Customs commissioners of Dhaka custom house Md Moazzem Hossain, Kamalpur Inland container depot Md Anwar Hossain, customs bond commissionarate (Dhaka) SM Humayun Kabir, among others, spoke on the occasion.

Private sector specialist of IFC Nusrat Nahid Babi delivered introductory remarks while ERF general secretary SM Rashidul Islam delivered welcome speech.

Customs modernization first secretary AAM Amimul Ehsan Khan gave a detailed presentation on recent initiatives of customs to expedite the trading across the border.

All of the customs commissioners stressed the need for proper coordination between the relevant agencies to improve the process of trading across the border.

Customs member Aminur Rahman said the National Single Window (NSW) would bring 39 agencies under a single roof to ease the process trading across the border.

“Once the NSW project is implemented, the country will see a significant improvement in doing business indicator and it will take one to two days to release goods from ports,” he said.

Accounting – The Language of Business / IFRS 10
« on: February 22, 2020, 11:17:04 PM »
Summary of IFRS 10
The objective of IFRS 10 is to establish principles for the presentation and preparation of consolidated financial statements when an entity controls one or more other entities. [IFRS 10:1]

The Standard: [IFRS 10:1]

requires a parent entity (an entity that controls one or more other entities) to present consolidated financial statements defines the principle of control, and establishes control as the basis for consolidation set out how to apply the principle of control to identify whether an investor controls an investee and therefore must consolidate the investee sets out the accounting requirements for the preparation of consolidated financial statements defines an investment entity and sets out an exception to consolidating particular subsidiaries of an investment entity*.
* Added by Investment Entities amendments, effective 1 January 2014.


Key definitions
[IFRS 10:Appendix A]

The financial statements of a group in which the assets, liabilities, equity, income, expenses and cash flows of the parent and its subsidiaries are presented as those of a single economic entity
An investor controls an investee when the investor is exposed, or has rights, to variable returns from its involvement with the investee and has the ability to affect those returns through its power over the investee
An entity that:
obtains funds from one or more investors for the purpose of providing those investor(s) with investment management services commits to its investor(s) that its business purpose is to invest funds solely for returns from capital appreciation, investment income, or both, and measures and evaluates the performance of substantially all of its investments on a fair value basis.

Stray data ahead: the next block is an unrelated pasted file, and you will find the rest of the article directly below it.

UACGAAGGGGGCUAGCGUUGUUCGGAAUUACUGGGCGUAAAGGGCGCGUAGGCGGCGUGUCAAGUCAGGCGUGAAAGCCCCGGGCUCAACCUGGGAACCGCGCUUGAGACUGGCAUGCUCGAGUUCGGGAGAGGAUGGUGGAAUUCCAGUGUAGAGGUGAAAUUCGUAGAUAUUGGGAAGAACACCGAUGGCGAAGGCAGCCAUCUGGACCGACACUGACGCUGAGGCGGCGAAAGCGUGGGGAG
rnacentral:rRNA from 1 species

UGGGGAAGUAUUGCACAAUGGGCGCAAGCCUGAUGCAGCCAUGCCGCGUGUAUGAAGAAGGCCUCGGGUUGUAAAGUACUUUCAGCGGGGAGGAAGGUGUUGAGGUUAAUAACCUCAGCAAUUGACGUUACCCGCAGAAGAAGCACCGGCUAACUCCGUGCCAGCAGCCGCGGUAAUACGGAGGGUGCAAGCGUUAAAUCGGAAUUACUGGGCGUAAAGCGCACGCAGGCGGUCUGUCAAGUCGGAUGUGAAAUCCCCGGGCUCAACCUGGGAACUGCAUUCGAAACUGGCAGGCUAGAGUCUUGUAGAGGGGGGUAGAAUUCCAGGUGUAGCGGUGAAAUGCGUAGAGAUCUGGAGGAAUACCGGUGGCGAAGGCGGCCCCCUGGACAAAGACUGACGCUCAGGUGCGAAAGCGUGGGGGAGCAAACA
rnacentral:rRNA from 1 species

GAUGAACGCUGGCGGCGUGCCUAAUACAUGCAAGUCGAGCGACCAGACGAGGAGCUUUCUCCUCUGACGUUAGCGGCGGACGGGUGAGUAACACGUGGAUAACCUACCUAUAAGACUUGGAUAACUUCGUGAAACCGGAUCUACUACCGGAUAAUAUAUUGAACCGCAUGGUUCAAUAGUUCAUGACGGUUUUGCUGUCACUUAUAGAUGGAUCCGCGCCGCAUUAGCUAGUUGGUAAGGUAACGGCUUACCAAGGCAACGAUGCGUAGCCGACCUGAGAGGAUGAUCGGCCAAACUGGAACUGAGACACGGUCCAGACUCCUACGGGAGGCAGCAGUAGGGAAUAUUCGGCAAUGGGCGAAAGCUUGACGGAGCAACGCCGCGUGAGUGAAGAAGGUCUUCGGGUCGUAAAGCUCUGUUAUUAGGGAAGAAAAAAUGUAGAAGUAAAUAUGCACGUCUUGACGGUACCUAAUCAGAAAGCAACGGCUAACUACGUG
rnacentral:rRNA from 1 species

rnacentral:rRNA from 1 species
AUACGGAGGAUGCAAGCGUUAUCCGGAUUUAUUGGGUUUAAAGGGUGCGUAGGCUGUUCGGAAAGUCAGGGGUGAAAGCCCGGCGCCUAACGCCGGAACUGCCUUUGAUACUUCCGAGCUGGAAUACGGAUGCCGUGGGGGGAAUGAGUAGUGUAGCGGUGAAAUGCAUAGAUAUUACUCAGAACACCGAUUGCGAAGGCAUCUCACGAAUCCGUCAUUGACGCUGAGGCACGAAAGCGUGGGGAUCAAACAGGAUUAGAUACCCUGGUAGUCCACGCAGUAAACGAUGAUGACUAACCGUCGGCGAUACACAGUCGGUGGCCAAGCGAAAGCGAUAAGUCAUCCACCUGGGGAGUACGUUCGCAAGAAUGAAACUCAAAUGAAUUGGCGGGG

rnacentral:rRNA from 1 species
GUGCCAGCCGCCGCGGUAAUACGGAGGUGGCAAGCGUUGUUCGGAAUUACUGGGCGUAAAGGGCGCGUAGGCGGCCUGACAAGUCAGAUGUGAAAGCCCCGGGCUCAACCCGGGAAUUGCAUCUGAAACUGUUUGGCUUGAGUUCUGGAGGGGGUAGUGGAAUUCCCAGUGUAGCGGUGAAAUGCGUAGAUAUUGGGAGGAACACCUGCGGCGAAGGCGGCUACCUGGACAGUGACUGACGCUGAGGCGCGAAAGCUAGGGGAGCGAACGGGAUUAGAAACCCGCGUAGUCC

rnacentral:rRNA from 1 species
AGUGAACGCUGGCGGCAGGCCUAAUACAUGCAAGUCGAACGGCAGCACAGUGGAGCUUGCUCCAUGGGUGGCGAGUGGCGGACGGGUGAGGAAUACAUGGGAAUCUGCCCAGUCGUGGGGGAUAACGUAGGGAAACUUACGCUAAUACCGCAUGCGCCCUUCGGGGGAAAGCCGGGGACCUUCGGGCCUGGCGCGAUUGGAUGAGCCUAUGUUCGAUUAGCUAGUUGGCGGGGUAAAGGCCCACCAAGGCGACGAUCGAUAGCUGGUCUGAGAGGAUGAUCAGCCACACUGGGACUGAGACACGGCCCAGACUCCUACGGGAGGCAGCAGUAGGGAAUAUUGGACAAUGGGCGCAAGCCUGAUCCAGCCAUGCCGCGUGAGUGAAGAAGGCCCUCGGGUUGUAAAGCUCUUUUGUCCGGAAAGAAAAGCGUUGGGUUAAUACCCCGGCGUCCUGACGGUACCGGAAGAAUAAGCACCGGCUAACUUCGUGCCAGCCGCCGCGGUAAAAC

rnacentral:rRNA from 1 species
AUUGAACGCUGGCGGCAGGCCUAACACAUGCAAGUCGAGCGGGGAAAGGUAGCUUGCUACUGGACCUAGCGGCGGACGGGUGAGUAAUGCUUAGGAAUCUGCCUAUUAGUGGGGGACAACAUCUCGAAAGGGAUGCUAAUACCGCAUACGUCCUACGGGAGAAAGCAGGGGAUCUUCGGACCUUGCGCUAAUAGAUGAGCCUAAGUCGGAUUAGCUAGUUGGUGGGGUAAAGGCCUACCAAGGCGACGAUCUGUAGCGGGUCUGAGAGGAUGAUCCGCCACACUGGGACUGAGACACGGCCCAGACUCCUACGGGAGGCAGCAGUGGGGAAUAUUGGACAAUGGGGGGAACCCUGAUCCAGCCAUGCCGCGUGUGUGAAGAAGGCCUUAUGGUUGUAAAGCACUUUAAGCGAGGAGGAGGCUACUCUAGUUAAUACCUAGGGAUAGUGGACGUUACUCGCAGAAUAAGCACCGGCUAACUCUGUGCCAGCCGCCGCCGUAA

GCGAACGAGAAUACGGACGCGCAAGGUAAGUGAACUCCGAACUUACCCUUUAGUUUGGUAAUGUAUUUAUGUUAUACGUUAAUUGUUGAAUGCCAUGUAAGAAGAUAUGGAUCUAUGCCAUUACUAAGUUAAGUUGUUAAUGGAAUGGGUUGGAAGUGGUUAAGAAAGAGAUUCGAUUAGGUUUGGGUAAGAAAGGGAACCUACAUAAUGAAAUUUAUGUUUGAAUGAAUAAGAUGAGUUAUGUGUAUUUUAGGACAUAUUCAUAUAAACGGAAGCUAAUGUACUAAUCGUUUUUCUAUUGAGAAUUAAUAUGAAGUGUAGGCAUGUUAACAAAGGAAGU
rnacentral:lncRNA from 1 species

An entity that controls one or more entities
Existing rights that give the current ability to direct the relevant activities
Rights designed to protect the interest of the party holding those rights without giving that party power over the entity to which those rights relate
Activities of the investee that significantly affect the investee's returns
* Added by Investment Entities amendments, effective 1 January 2014.


An investor determines whether it is a parent by assessing whether it controls one or more investees. An investor considers all relevant facts and circumstances when assessing whether it controls an investee. An investor controls an investee when it is exposed, or has rights, to variable returns from its involvement with the investee and has the ability to affect those returns through its power over the investee. [IFRS 10:5-6; IFRS 10:8]

An investor controls an investee if and only if the investor has all of the following elements: [IFRS 10:7]

power over the investee, i.e. the investor has existing rights that give it the ability to direct the relevant activities (the activities that significantly affect the investee's returns) exposure, or rights, to variable returns from its involvement with the investee the ability to use its power over the investee to affect the amount of the investor's returns.
Power arises from rights. Such rights can be straightforward (e.g. through voting rights) or be complex (e.g. embedded in contractual arrangements). An investor that holds only protective rights cannot have power over an investee and so cannot control an investee [IFRS 10:11, IFRS 10:14].

An investor must be exposed, or have rights, to variable returns from its involvement with an investee to control the investee. Such returns must have the potential to vary as a result of the investee's performance and can be positive, negative, or both. [IFRS 10:15]

A parent must not only have power over an investee and exposure or rights to variable returns from its involvement with the investee, a parent must also have the ability to use its power over the investee to affect its returns from its involvement with the investee. [IFRS 10:17].

When assessing whether an investor controls an investee an investor with decision-making rights determines whether it acts as principal or as an agent of other parties. A number of factors are considered in making this assessment. For instance, the remuneration of the decision-maker is considered in determining whether it is an agent. [IFRS 10:B58, IFRS 10:B60]

ACCA (the Association of Chartered Certified Accountants) and IMA® (Institute of Management Accountants) have jointly published the Global Economic Themes report. It examines three of the longer-term structural issues that are affecting the global economy as well as the global economic impact of the US-China trade tensions. The three issues are:

·         The Euro – fiscal integration needed